Google aiming for commercial drone activity in U.S. by 2017
Tue 3 Nov 2015
The head of Google’s drone delivery research project in Australia has declared the company’s aim of developing its Project Wing drone program into a viable delivery service in the United States within two years.
Speaking at an air traffic control conference near Washington yesterday (Nov 2nd) David Vos said “Our goal is to have commercial business up and running in 2017.” The impetus behind the announcement may have more to do with Alphabet’s behind-the-scenes progress with the Federal Aviation Administration than with the technological capabilities of the 19-pound drone which delivered its first successful payload to Queensland farmer Neil Parfitt last year (see video below). Vos announced during the speech that a framework for drone owner identification, capable of ensuring that UAVs do not come into contact with other aircraft, could be established within 12 months.
“We’re pretty much on a campaign here,” Vos said. “working with the FAA, working with the small UAV community and the aviation community at large, to move things along.” He added “We think we can accomplish a lot in the next three, six, 12 months. And we’re hoping to get some strong support to make this happen.”
The FAA will set rules early next year establishing policy on commercial drone usage in the United States, and in the meantime commercial entities seeking to use UAVs will need a Section 333 exemption to the FAA’s restrictions on drone use of air space. The vast majority of exemptions granted so far have been case-by-case requests to conduct aerial photography. Vos co-chairs an FAA task-force set up to create a drone registry for the United States, but neither he nor Alphabet has given any indication that the Project Wing drone system has received any special authorisation outside of the requests list submissions.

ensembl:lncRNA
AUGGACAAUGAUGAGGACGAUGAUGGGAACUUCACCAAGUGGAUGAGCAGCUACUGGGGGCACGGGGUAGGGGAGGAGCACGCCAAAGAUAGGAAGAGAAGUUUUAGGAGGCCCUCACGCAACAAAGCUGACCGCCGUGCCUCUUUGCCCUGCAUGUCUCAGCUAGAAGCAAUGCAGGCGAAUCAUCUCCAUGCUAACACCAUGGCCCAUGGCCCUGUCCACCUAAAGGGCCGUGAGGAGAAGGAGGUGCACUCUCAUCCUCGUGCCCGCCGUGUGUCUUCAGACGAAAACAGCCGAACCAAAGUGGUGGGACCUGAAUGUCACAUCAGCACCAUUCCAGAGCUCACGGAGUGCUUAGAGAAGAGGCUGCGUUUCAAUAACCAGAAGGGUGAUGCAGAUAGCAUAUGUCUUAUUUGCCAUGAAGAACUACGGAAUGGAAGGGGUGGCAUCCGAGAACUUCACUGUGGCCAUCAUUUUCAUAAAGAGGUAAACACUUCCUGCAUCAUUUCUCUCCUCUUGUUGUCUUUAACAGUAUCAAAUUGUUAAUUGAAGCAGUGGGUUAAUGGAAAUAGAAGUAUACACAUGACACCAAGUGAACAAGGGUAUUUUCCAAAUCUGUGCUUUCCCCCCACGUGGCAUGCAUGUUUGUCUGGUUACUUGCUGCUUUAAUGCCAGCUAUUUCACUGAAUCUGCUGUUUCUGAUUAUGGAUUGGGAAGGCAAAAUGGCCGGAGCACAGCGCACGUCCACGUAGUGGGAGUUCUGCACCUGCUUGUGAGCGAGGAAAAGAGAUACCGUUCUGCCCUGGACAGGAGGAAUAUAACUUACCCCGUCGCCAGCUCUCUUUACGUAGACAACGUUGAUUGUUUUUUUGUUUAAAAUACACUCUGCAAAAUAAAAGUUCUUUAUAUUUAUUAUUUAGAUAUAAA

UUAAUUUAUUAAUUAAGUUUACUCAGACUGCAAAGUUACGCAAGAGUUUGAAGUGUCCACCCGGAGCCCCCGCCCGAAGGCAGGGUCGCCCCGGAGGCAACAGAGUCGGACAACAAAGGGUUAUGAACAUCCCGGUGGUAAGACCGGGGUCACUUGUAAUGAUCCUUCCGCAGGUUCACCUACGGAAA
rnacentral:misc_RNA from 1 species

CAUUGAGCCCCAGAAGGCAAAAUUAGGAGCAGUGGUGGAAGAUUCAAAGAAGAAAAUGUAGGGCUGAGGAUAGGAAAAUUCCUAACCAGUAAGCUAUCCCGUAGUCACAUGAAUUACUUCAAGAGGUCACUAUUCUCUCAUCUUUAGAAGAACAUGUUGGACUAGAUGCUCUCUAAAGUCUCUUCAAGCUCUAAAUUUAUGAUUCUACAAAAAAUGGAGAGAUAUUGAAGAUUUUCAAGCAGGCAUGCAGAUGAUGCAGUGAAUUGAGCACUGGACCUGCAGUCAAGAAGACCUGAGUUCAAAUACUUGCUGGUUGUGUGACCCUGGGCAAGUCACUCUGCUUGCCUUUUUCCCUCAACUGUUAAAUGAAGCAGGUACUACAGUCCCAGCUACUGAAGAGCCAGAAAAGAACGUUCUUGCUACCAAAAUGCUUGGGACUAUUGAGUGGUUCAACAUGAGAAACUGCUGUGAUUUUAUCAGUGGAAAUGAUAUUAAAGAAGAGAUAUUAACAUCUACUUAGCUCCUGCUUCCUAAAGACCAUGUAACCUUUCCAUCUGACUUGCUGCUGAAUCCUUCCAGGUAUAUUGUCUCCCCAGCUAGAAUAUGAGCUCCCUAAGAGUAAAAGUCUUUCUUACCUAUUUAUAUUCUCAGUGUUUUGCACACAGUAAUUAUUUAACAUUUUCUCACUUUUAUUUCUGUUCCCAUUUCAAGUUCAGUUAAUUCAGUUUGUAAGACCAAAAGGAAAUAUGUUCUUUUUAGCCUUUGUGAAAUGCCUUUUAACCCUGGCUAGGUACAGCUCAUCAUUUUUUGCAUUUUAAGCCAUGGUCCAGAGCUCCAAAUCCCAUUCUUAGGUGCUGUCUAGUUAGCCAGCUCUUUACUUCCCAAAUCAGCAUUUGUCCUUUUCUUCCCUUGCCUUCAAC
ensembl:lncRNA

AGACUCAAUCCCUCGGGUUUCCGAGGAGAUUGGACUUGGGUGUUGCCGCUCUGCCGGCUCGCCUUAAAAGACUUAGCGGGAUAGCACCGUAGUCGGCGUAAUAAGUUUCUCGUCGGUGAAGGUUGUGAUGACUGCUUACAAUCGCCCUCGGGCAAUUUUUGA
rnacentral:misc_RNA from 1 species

The Project Wing drone is evolving constantly, according to Vos, and so there is no guarantee that the Alphabet UAVs intended for American skies in 2017 will follow the lines of the drones which have been developed by Google in Australia over the last four years.
Vos is working to establish parameters for drone flights, with the hope of classifying “Class G” airspace reservation for UAV use, which would keep the vehicles distant from all but low-flying unmanned helicopters, and under the control of operators via wireless telecommunications and other internet communications protocols.
According to President Obama a U.S. drone registry is expected to be in place by December 20th.